Mike McCarthy cooks up new perimeter coach role for Packers
INDIANAPOLIS - Ever since Dec. 13, 2015, when Green Bay Packers coach Mike McCarthy reclaimed the play-calling duties he ceded 10 months prior, the distribution of powers in offensive meeting rooms was difficult to discern.
At the top of the pyramid stood McCarthy, who once again filled the two most important roles of head coach and play caller.
One step down was associate head coach/offense Tom Clements, the man who spent an entire offseason preparing to call plays only to have that duty stripped away before Christmas. Descriptions of his job have been nebulous ever since.
Deeper still were offensive coordinator Edgar Bennett and quarterbacks coach Alex Van Pelt, both prominent figures in their own right. The coaching staff was, as McCarthy admitted Wednesday morning at the NFL scouting combine, fairly top-heavy on the offensive side of the ball.
“It was a different structure last year, one that will never be repeated again,” McCarthy said. “It was very helpful in game planning because we had a lot of experience in the room as far as having Tom in the role that he was in. I’m doing more this year.
“There’s always been one head cook regardless of how the positions line up on the organization chart or the coaching staff. The only time that I stepped out of the room or wasn’t the head cook was in ’15.”
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Nonetheless, a degree of clarity was proffered Jan. 26, when McCarthy informed reporters that Clements, who had been with the Packers for 11 seasons, would not be returning for a 12th. Clements chose to let his contract expire so he could “move on to some other interests,” according to McCarthy, and the decision actually was made a year in advance when negotiations took place in the winter of 2016.
McCarthy reiterated Wednesday that Clements was not fired or let go.
“This was his choice,” he said.
With Clements gone, the Packers plan to increase the responsibilities of their younger coaches in what McCarthy described as a natural progression. David Raih, who served as assistant offensive line coach in 2016, has been promoted to offensive perimeter coach where his role is more wide-ranging. And while receivers coach Luke Getsy was not promoted in terms of title, McCarthy said his involvement will expand as well.
“It’s an opportunity for these other guys that have been in that room to expand,” McCarthy said. “Yeah, it’s the process of how you develop a staff, and I think this is a very healthy way to do it.”
Of course, the nebulousness of Raih’s new title — offensive perimeter coach, huh? — was not lost on McCarthy, who admitted Wednesday he made it up after plenty of deliberation.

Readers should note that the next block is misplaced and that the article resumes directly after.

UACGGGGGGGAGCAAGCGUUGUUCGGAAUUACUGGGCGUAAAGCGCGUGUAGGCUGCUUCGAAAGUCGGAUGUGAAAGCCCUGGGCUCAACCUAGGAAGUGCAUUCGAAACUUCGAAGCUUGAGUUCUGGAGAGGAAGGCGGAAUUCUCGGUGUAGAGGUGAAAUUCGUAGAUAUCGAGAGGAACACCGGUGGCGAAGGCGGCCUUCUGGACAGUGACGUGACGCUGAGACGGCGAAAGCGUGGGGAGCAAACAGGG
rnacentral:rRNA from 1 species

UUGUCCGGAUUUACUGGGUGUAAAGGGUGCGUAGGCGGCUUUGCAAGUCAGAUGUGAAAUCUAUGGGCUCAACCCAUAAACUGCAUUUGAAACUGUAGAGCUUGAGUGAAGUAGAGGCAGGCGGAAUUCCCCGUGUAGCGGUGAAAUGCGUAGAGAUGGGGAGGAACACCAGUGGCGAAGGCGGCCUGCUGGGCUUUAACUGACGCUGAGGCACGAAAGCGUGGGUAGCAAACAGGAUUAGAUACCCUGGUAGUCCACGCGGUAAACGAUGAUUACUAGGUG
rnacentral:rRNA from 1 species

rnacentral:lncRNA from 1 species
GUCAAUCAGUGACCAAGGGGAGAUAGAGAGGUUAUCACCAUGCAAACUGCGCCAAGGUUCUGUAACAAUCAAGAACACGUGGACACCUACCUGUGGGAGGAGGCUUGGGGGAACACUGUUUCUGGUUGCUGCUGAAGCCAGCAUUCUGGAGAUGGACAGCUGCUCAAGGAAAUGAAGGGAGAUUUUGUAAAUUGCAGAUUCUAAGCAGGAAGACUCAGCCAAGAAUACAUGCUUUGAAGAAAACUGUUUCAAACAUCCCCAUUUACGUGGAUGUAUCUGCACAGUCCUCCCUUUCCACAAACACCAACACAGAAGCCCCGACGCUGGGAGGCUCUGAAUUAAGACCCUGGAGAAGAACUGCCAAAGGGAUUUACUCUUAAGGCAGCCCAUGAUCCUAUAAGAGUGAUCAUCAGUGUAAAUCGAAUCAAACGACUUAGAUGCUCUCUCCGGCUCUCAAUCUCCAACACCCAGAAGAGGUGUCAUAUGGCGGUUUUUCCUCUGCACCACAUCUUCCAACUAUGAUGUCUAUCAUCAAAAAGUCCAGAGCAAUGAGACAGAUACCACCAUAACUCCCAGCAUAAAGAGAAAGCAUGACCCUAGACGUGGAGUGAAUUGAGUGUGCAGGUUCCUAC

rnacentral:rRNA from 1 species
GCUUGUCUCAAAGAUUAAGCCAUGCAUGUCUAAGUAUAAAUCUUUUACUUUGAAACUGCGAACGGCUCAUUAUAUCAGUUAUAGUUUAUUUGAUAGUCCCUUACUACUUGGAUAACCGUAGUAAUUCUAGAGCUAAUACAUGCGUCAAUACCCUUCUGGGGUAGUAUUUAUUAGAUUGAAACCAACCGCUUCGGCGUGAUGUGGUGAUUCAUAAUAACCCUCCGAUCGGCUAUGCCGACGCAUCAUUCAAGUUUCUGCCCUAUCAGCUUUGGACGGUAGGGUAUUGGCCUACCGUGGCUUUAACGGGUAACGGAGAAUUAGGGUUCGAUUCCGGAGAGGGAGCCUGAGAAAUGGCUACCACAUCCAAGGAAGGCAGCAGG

“Try to call it what it is,” McCarthy said. “That’s what I always struggle with. … What’s his job now? What does he do? You’re always trying to give guys more to do, but they can’t be changing your title every time a guy gets another responsibility.
“Russ (Ball, vice president of football administration/player finance) and I went round and round and round on what that position is, and we were like, 'let’s just call it what he does.' He’s going to be working with everyone on the perimeter.”
To put it simply, Raih is going to work with a number of position coaches not named James Campen, who runs the offensive line and served as Raih’s boss in 2016. That would classify as an interior job.
Instead, Raih will spend his time with Bennett, Van Pelt and McCarthy to complete a variety of tasks each week, some of which he began last season. Example: McCarthy said he works exclusively with Raih on Friday and Saturday of each game week to complete “different breakdowns and things” once the play-calling duties are in order.
“Perimeter coach is something we gave a lot of thought to,” McCarthy said. “It’s an advancement from assistant offensive line, and it really is a reflection of who he’s going to be working with. He’ll work primarily with myself and Edgar Bennett. He’ll be working with the other perimeter coaches and will have a lot more job responsibility.
“Dynamic young man. He has an interesting path, getting into coaching later in his life. He’s a little older than he looks, but he has a lot to offer. And it’s important as a head coach to make sure you create opportunities for your coaches to grow. David has earned this opportunity.”